Who is Hasekura Tsunenaga?
For nearly half a century, a statue of Hasekura Tsunenaga (1571-1622) has been standing guard at the base of Sendai Castle, next to a watchtower replica where the mighty Otemon Gate once stood. Built to celebrate the 400th anniversary of Hasekura’s birth, the proud samurai-turned-diplomat holds a letter from Sendai’s first feudal lord Date Masamune while wearing the iconic robes and two swords of the samurai. In fact, similar statues of Hasekura can be found in northern Miyagi, Mexico, Cuba, Spain, Italy, and the Philippines! Who is Hasekura Tsunenaga, why is he important to our city’s history, and how can you learn more about him when you visit Sendai?
Hasekura Tsunenaga was a mid-ranking samurai noble which served Date Masamune directly. Although little is known about his early life, Hasekura was entrusted to be an official representative of Hasekura on several occasions. He also served time fighting in Japan’s invasion of Korea. It would be the years from 1613 to 1620 in which Hasekura would have his biggest challenge and greatest adventure.
Following a massive tsunami in 1611, Date Masamune set his only eye on trade with Spain via (modern-day) Mexico as a form of economic recovery. In order to get the Spanish to cooperate, Masamune instructed Hasekura to make deals to allow Christian missionaries to prophesize throughout his expansive domain in northeastern Japan. For the whole plan to work, the Keicho Mission, as it would come to be called (named after the name of the era), Hasekura would have to receive the cooperation of both the King of Spain and the Pope in Rome.
Before and during this world journey, tension was rising between Christian believers and the Shogunate government of Japan. The King of Spain and the Pope found out Christians across Japan were being forced to give up their religion and being killed should they refuse. Despite repeated pleas and even the conversion of Hasekura himself, the mission was forced to return to Japan with no positive answer. Hasekura, now a Christian, returned to Japan via the Philippines to a different Japan. Hasekura should have been welcomed back a hero for traveling dangerous seas and lands as a global ambassador. Instead, members of his family would be murdered as punishment for not renouncing Christianity and Hasekura would be hidden from the public eye until dying from an ongoing health condition due to his severe journey.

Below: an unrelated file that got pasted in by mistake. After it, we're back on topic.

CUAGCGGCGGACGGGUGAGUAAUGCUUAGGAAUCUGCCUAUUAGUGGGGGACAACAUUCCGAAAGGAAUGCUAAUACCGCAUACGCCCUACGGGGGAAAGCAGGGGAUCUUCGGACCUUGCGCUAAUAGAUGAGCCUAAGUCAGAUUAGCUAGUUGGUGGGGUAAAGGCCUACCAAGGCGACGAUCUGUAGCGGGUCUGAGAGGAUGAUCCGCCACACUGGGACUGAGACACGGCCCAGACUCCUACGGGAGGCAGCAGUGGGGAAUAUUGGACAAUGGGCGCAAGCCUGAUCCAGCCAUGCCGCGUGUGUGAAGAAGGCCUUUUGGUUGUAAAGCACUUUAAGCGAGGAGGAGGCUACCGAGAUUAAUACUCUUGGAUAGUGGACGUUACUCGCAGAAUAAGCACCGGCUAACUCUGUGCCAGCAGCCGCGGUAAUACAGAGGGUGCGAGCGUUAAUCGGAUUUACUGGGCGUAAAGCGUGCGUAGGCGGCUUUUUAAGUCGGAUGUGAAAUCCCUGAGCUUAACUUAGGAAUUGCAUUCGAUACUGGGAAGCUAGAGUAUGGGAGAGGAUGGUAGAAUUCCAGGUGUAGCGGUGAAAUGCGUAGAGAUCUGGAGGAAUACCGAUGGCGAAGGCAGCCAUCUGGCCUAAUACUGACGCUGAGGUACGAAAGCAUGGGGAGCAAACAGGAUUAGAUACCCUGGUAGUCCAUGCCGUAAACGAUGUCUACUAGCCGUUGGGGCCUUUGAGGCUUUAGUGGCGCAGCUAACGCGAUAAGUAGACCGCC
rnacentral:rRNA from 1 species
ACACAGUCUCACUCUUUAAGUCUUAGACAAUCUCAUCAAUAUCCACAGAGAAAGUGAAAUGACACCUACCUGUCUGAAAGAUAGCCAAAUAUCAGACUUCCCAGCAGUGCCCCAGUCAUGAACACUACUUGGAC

Fast forward a few hundred years and Hasekura is well-respected as a Sendai hero. People came to realize his sacrifice and allegiance, going above and beyond the call of duty to serve the Sendai Domain. Hasekura’s impact can even be felt today. The first overseas stop of the Keicho Mission, Acapulco, Mexico, is now a sister city of Sendai. Meanwhile, the Spanish town where a group from the mission decided to reside, currently hosts hundreds of people sharing the last name “Japon” (Japan).
You can learn more about Hasekura Tsunenaga and the Keicho Mission at Sendai City Museum in Sendai, or the Sant Juan Bautista Museum in Ishinomaki, northern Miyagi. Looking to experience being a samurai (or ninja) for a day? Explore some options here.
See you soon,
Sendai Experience Program Team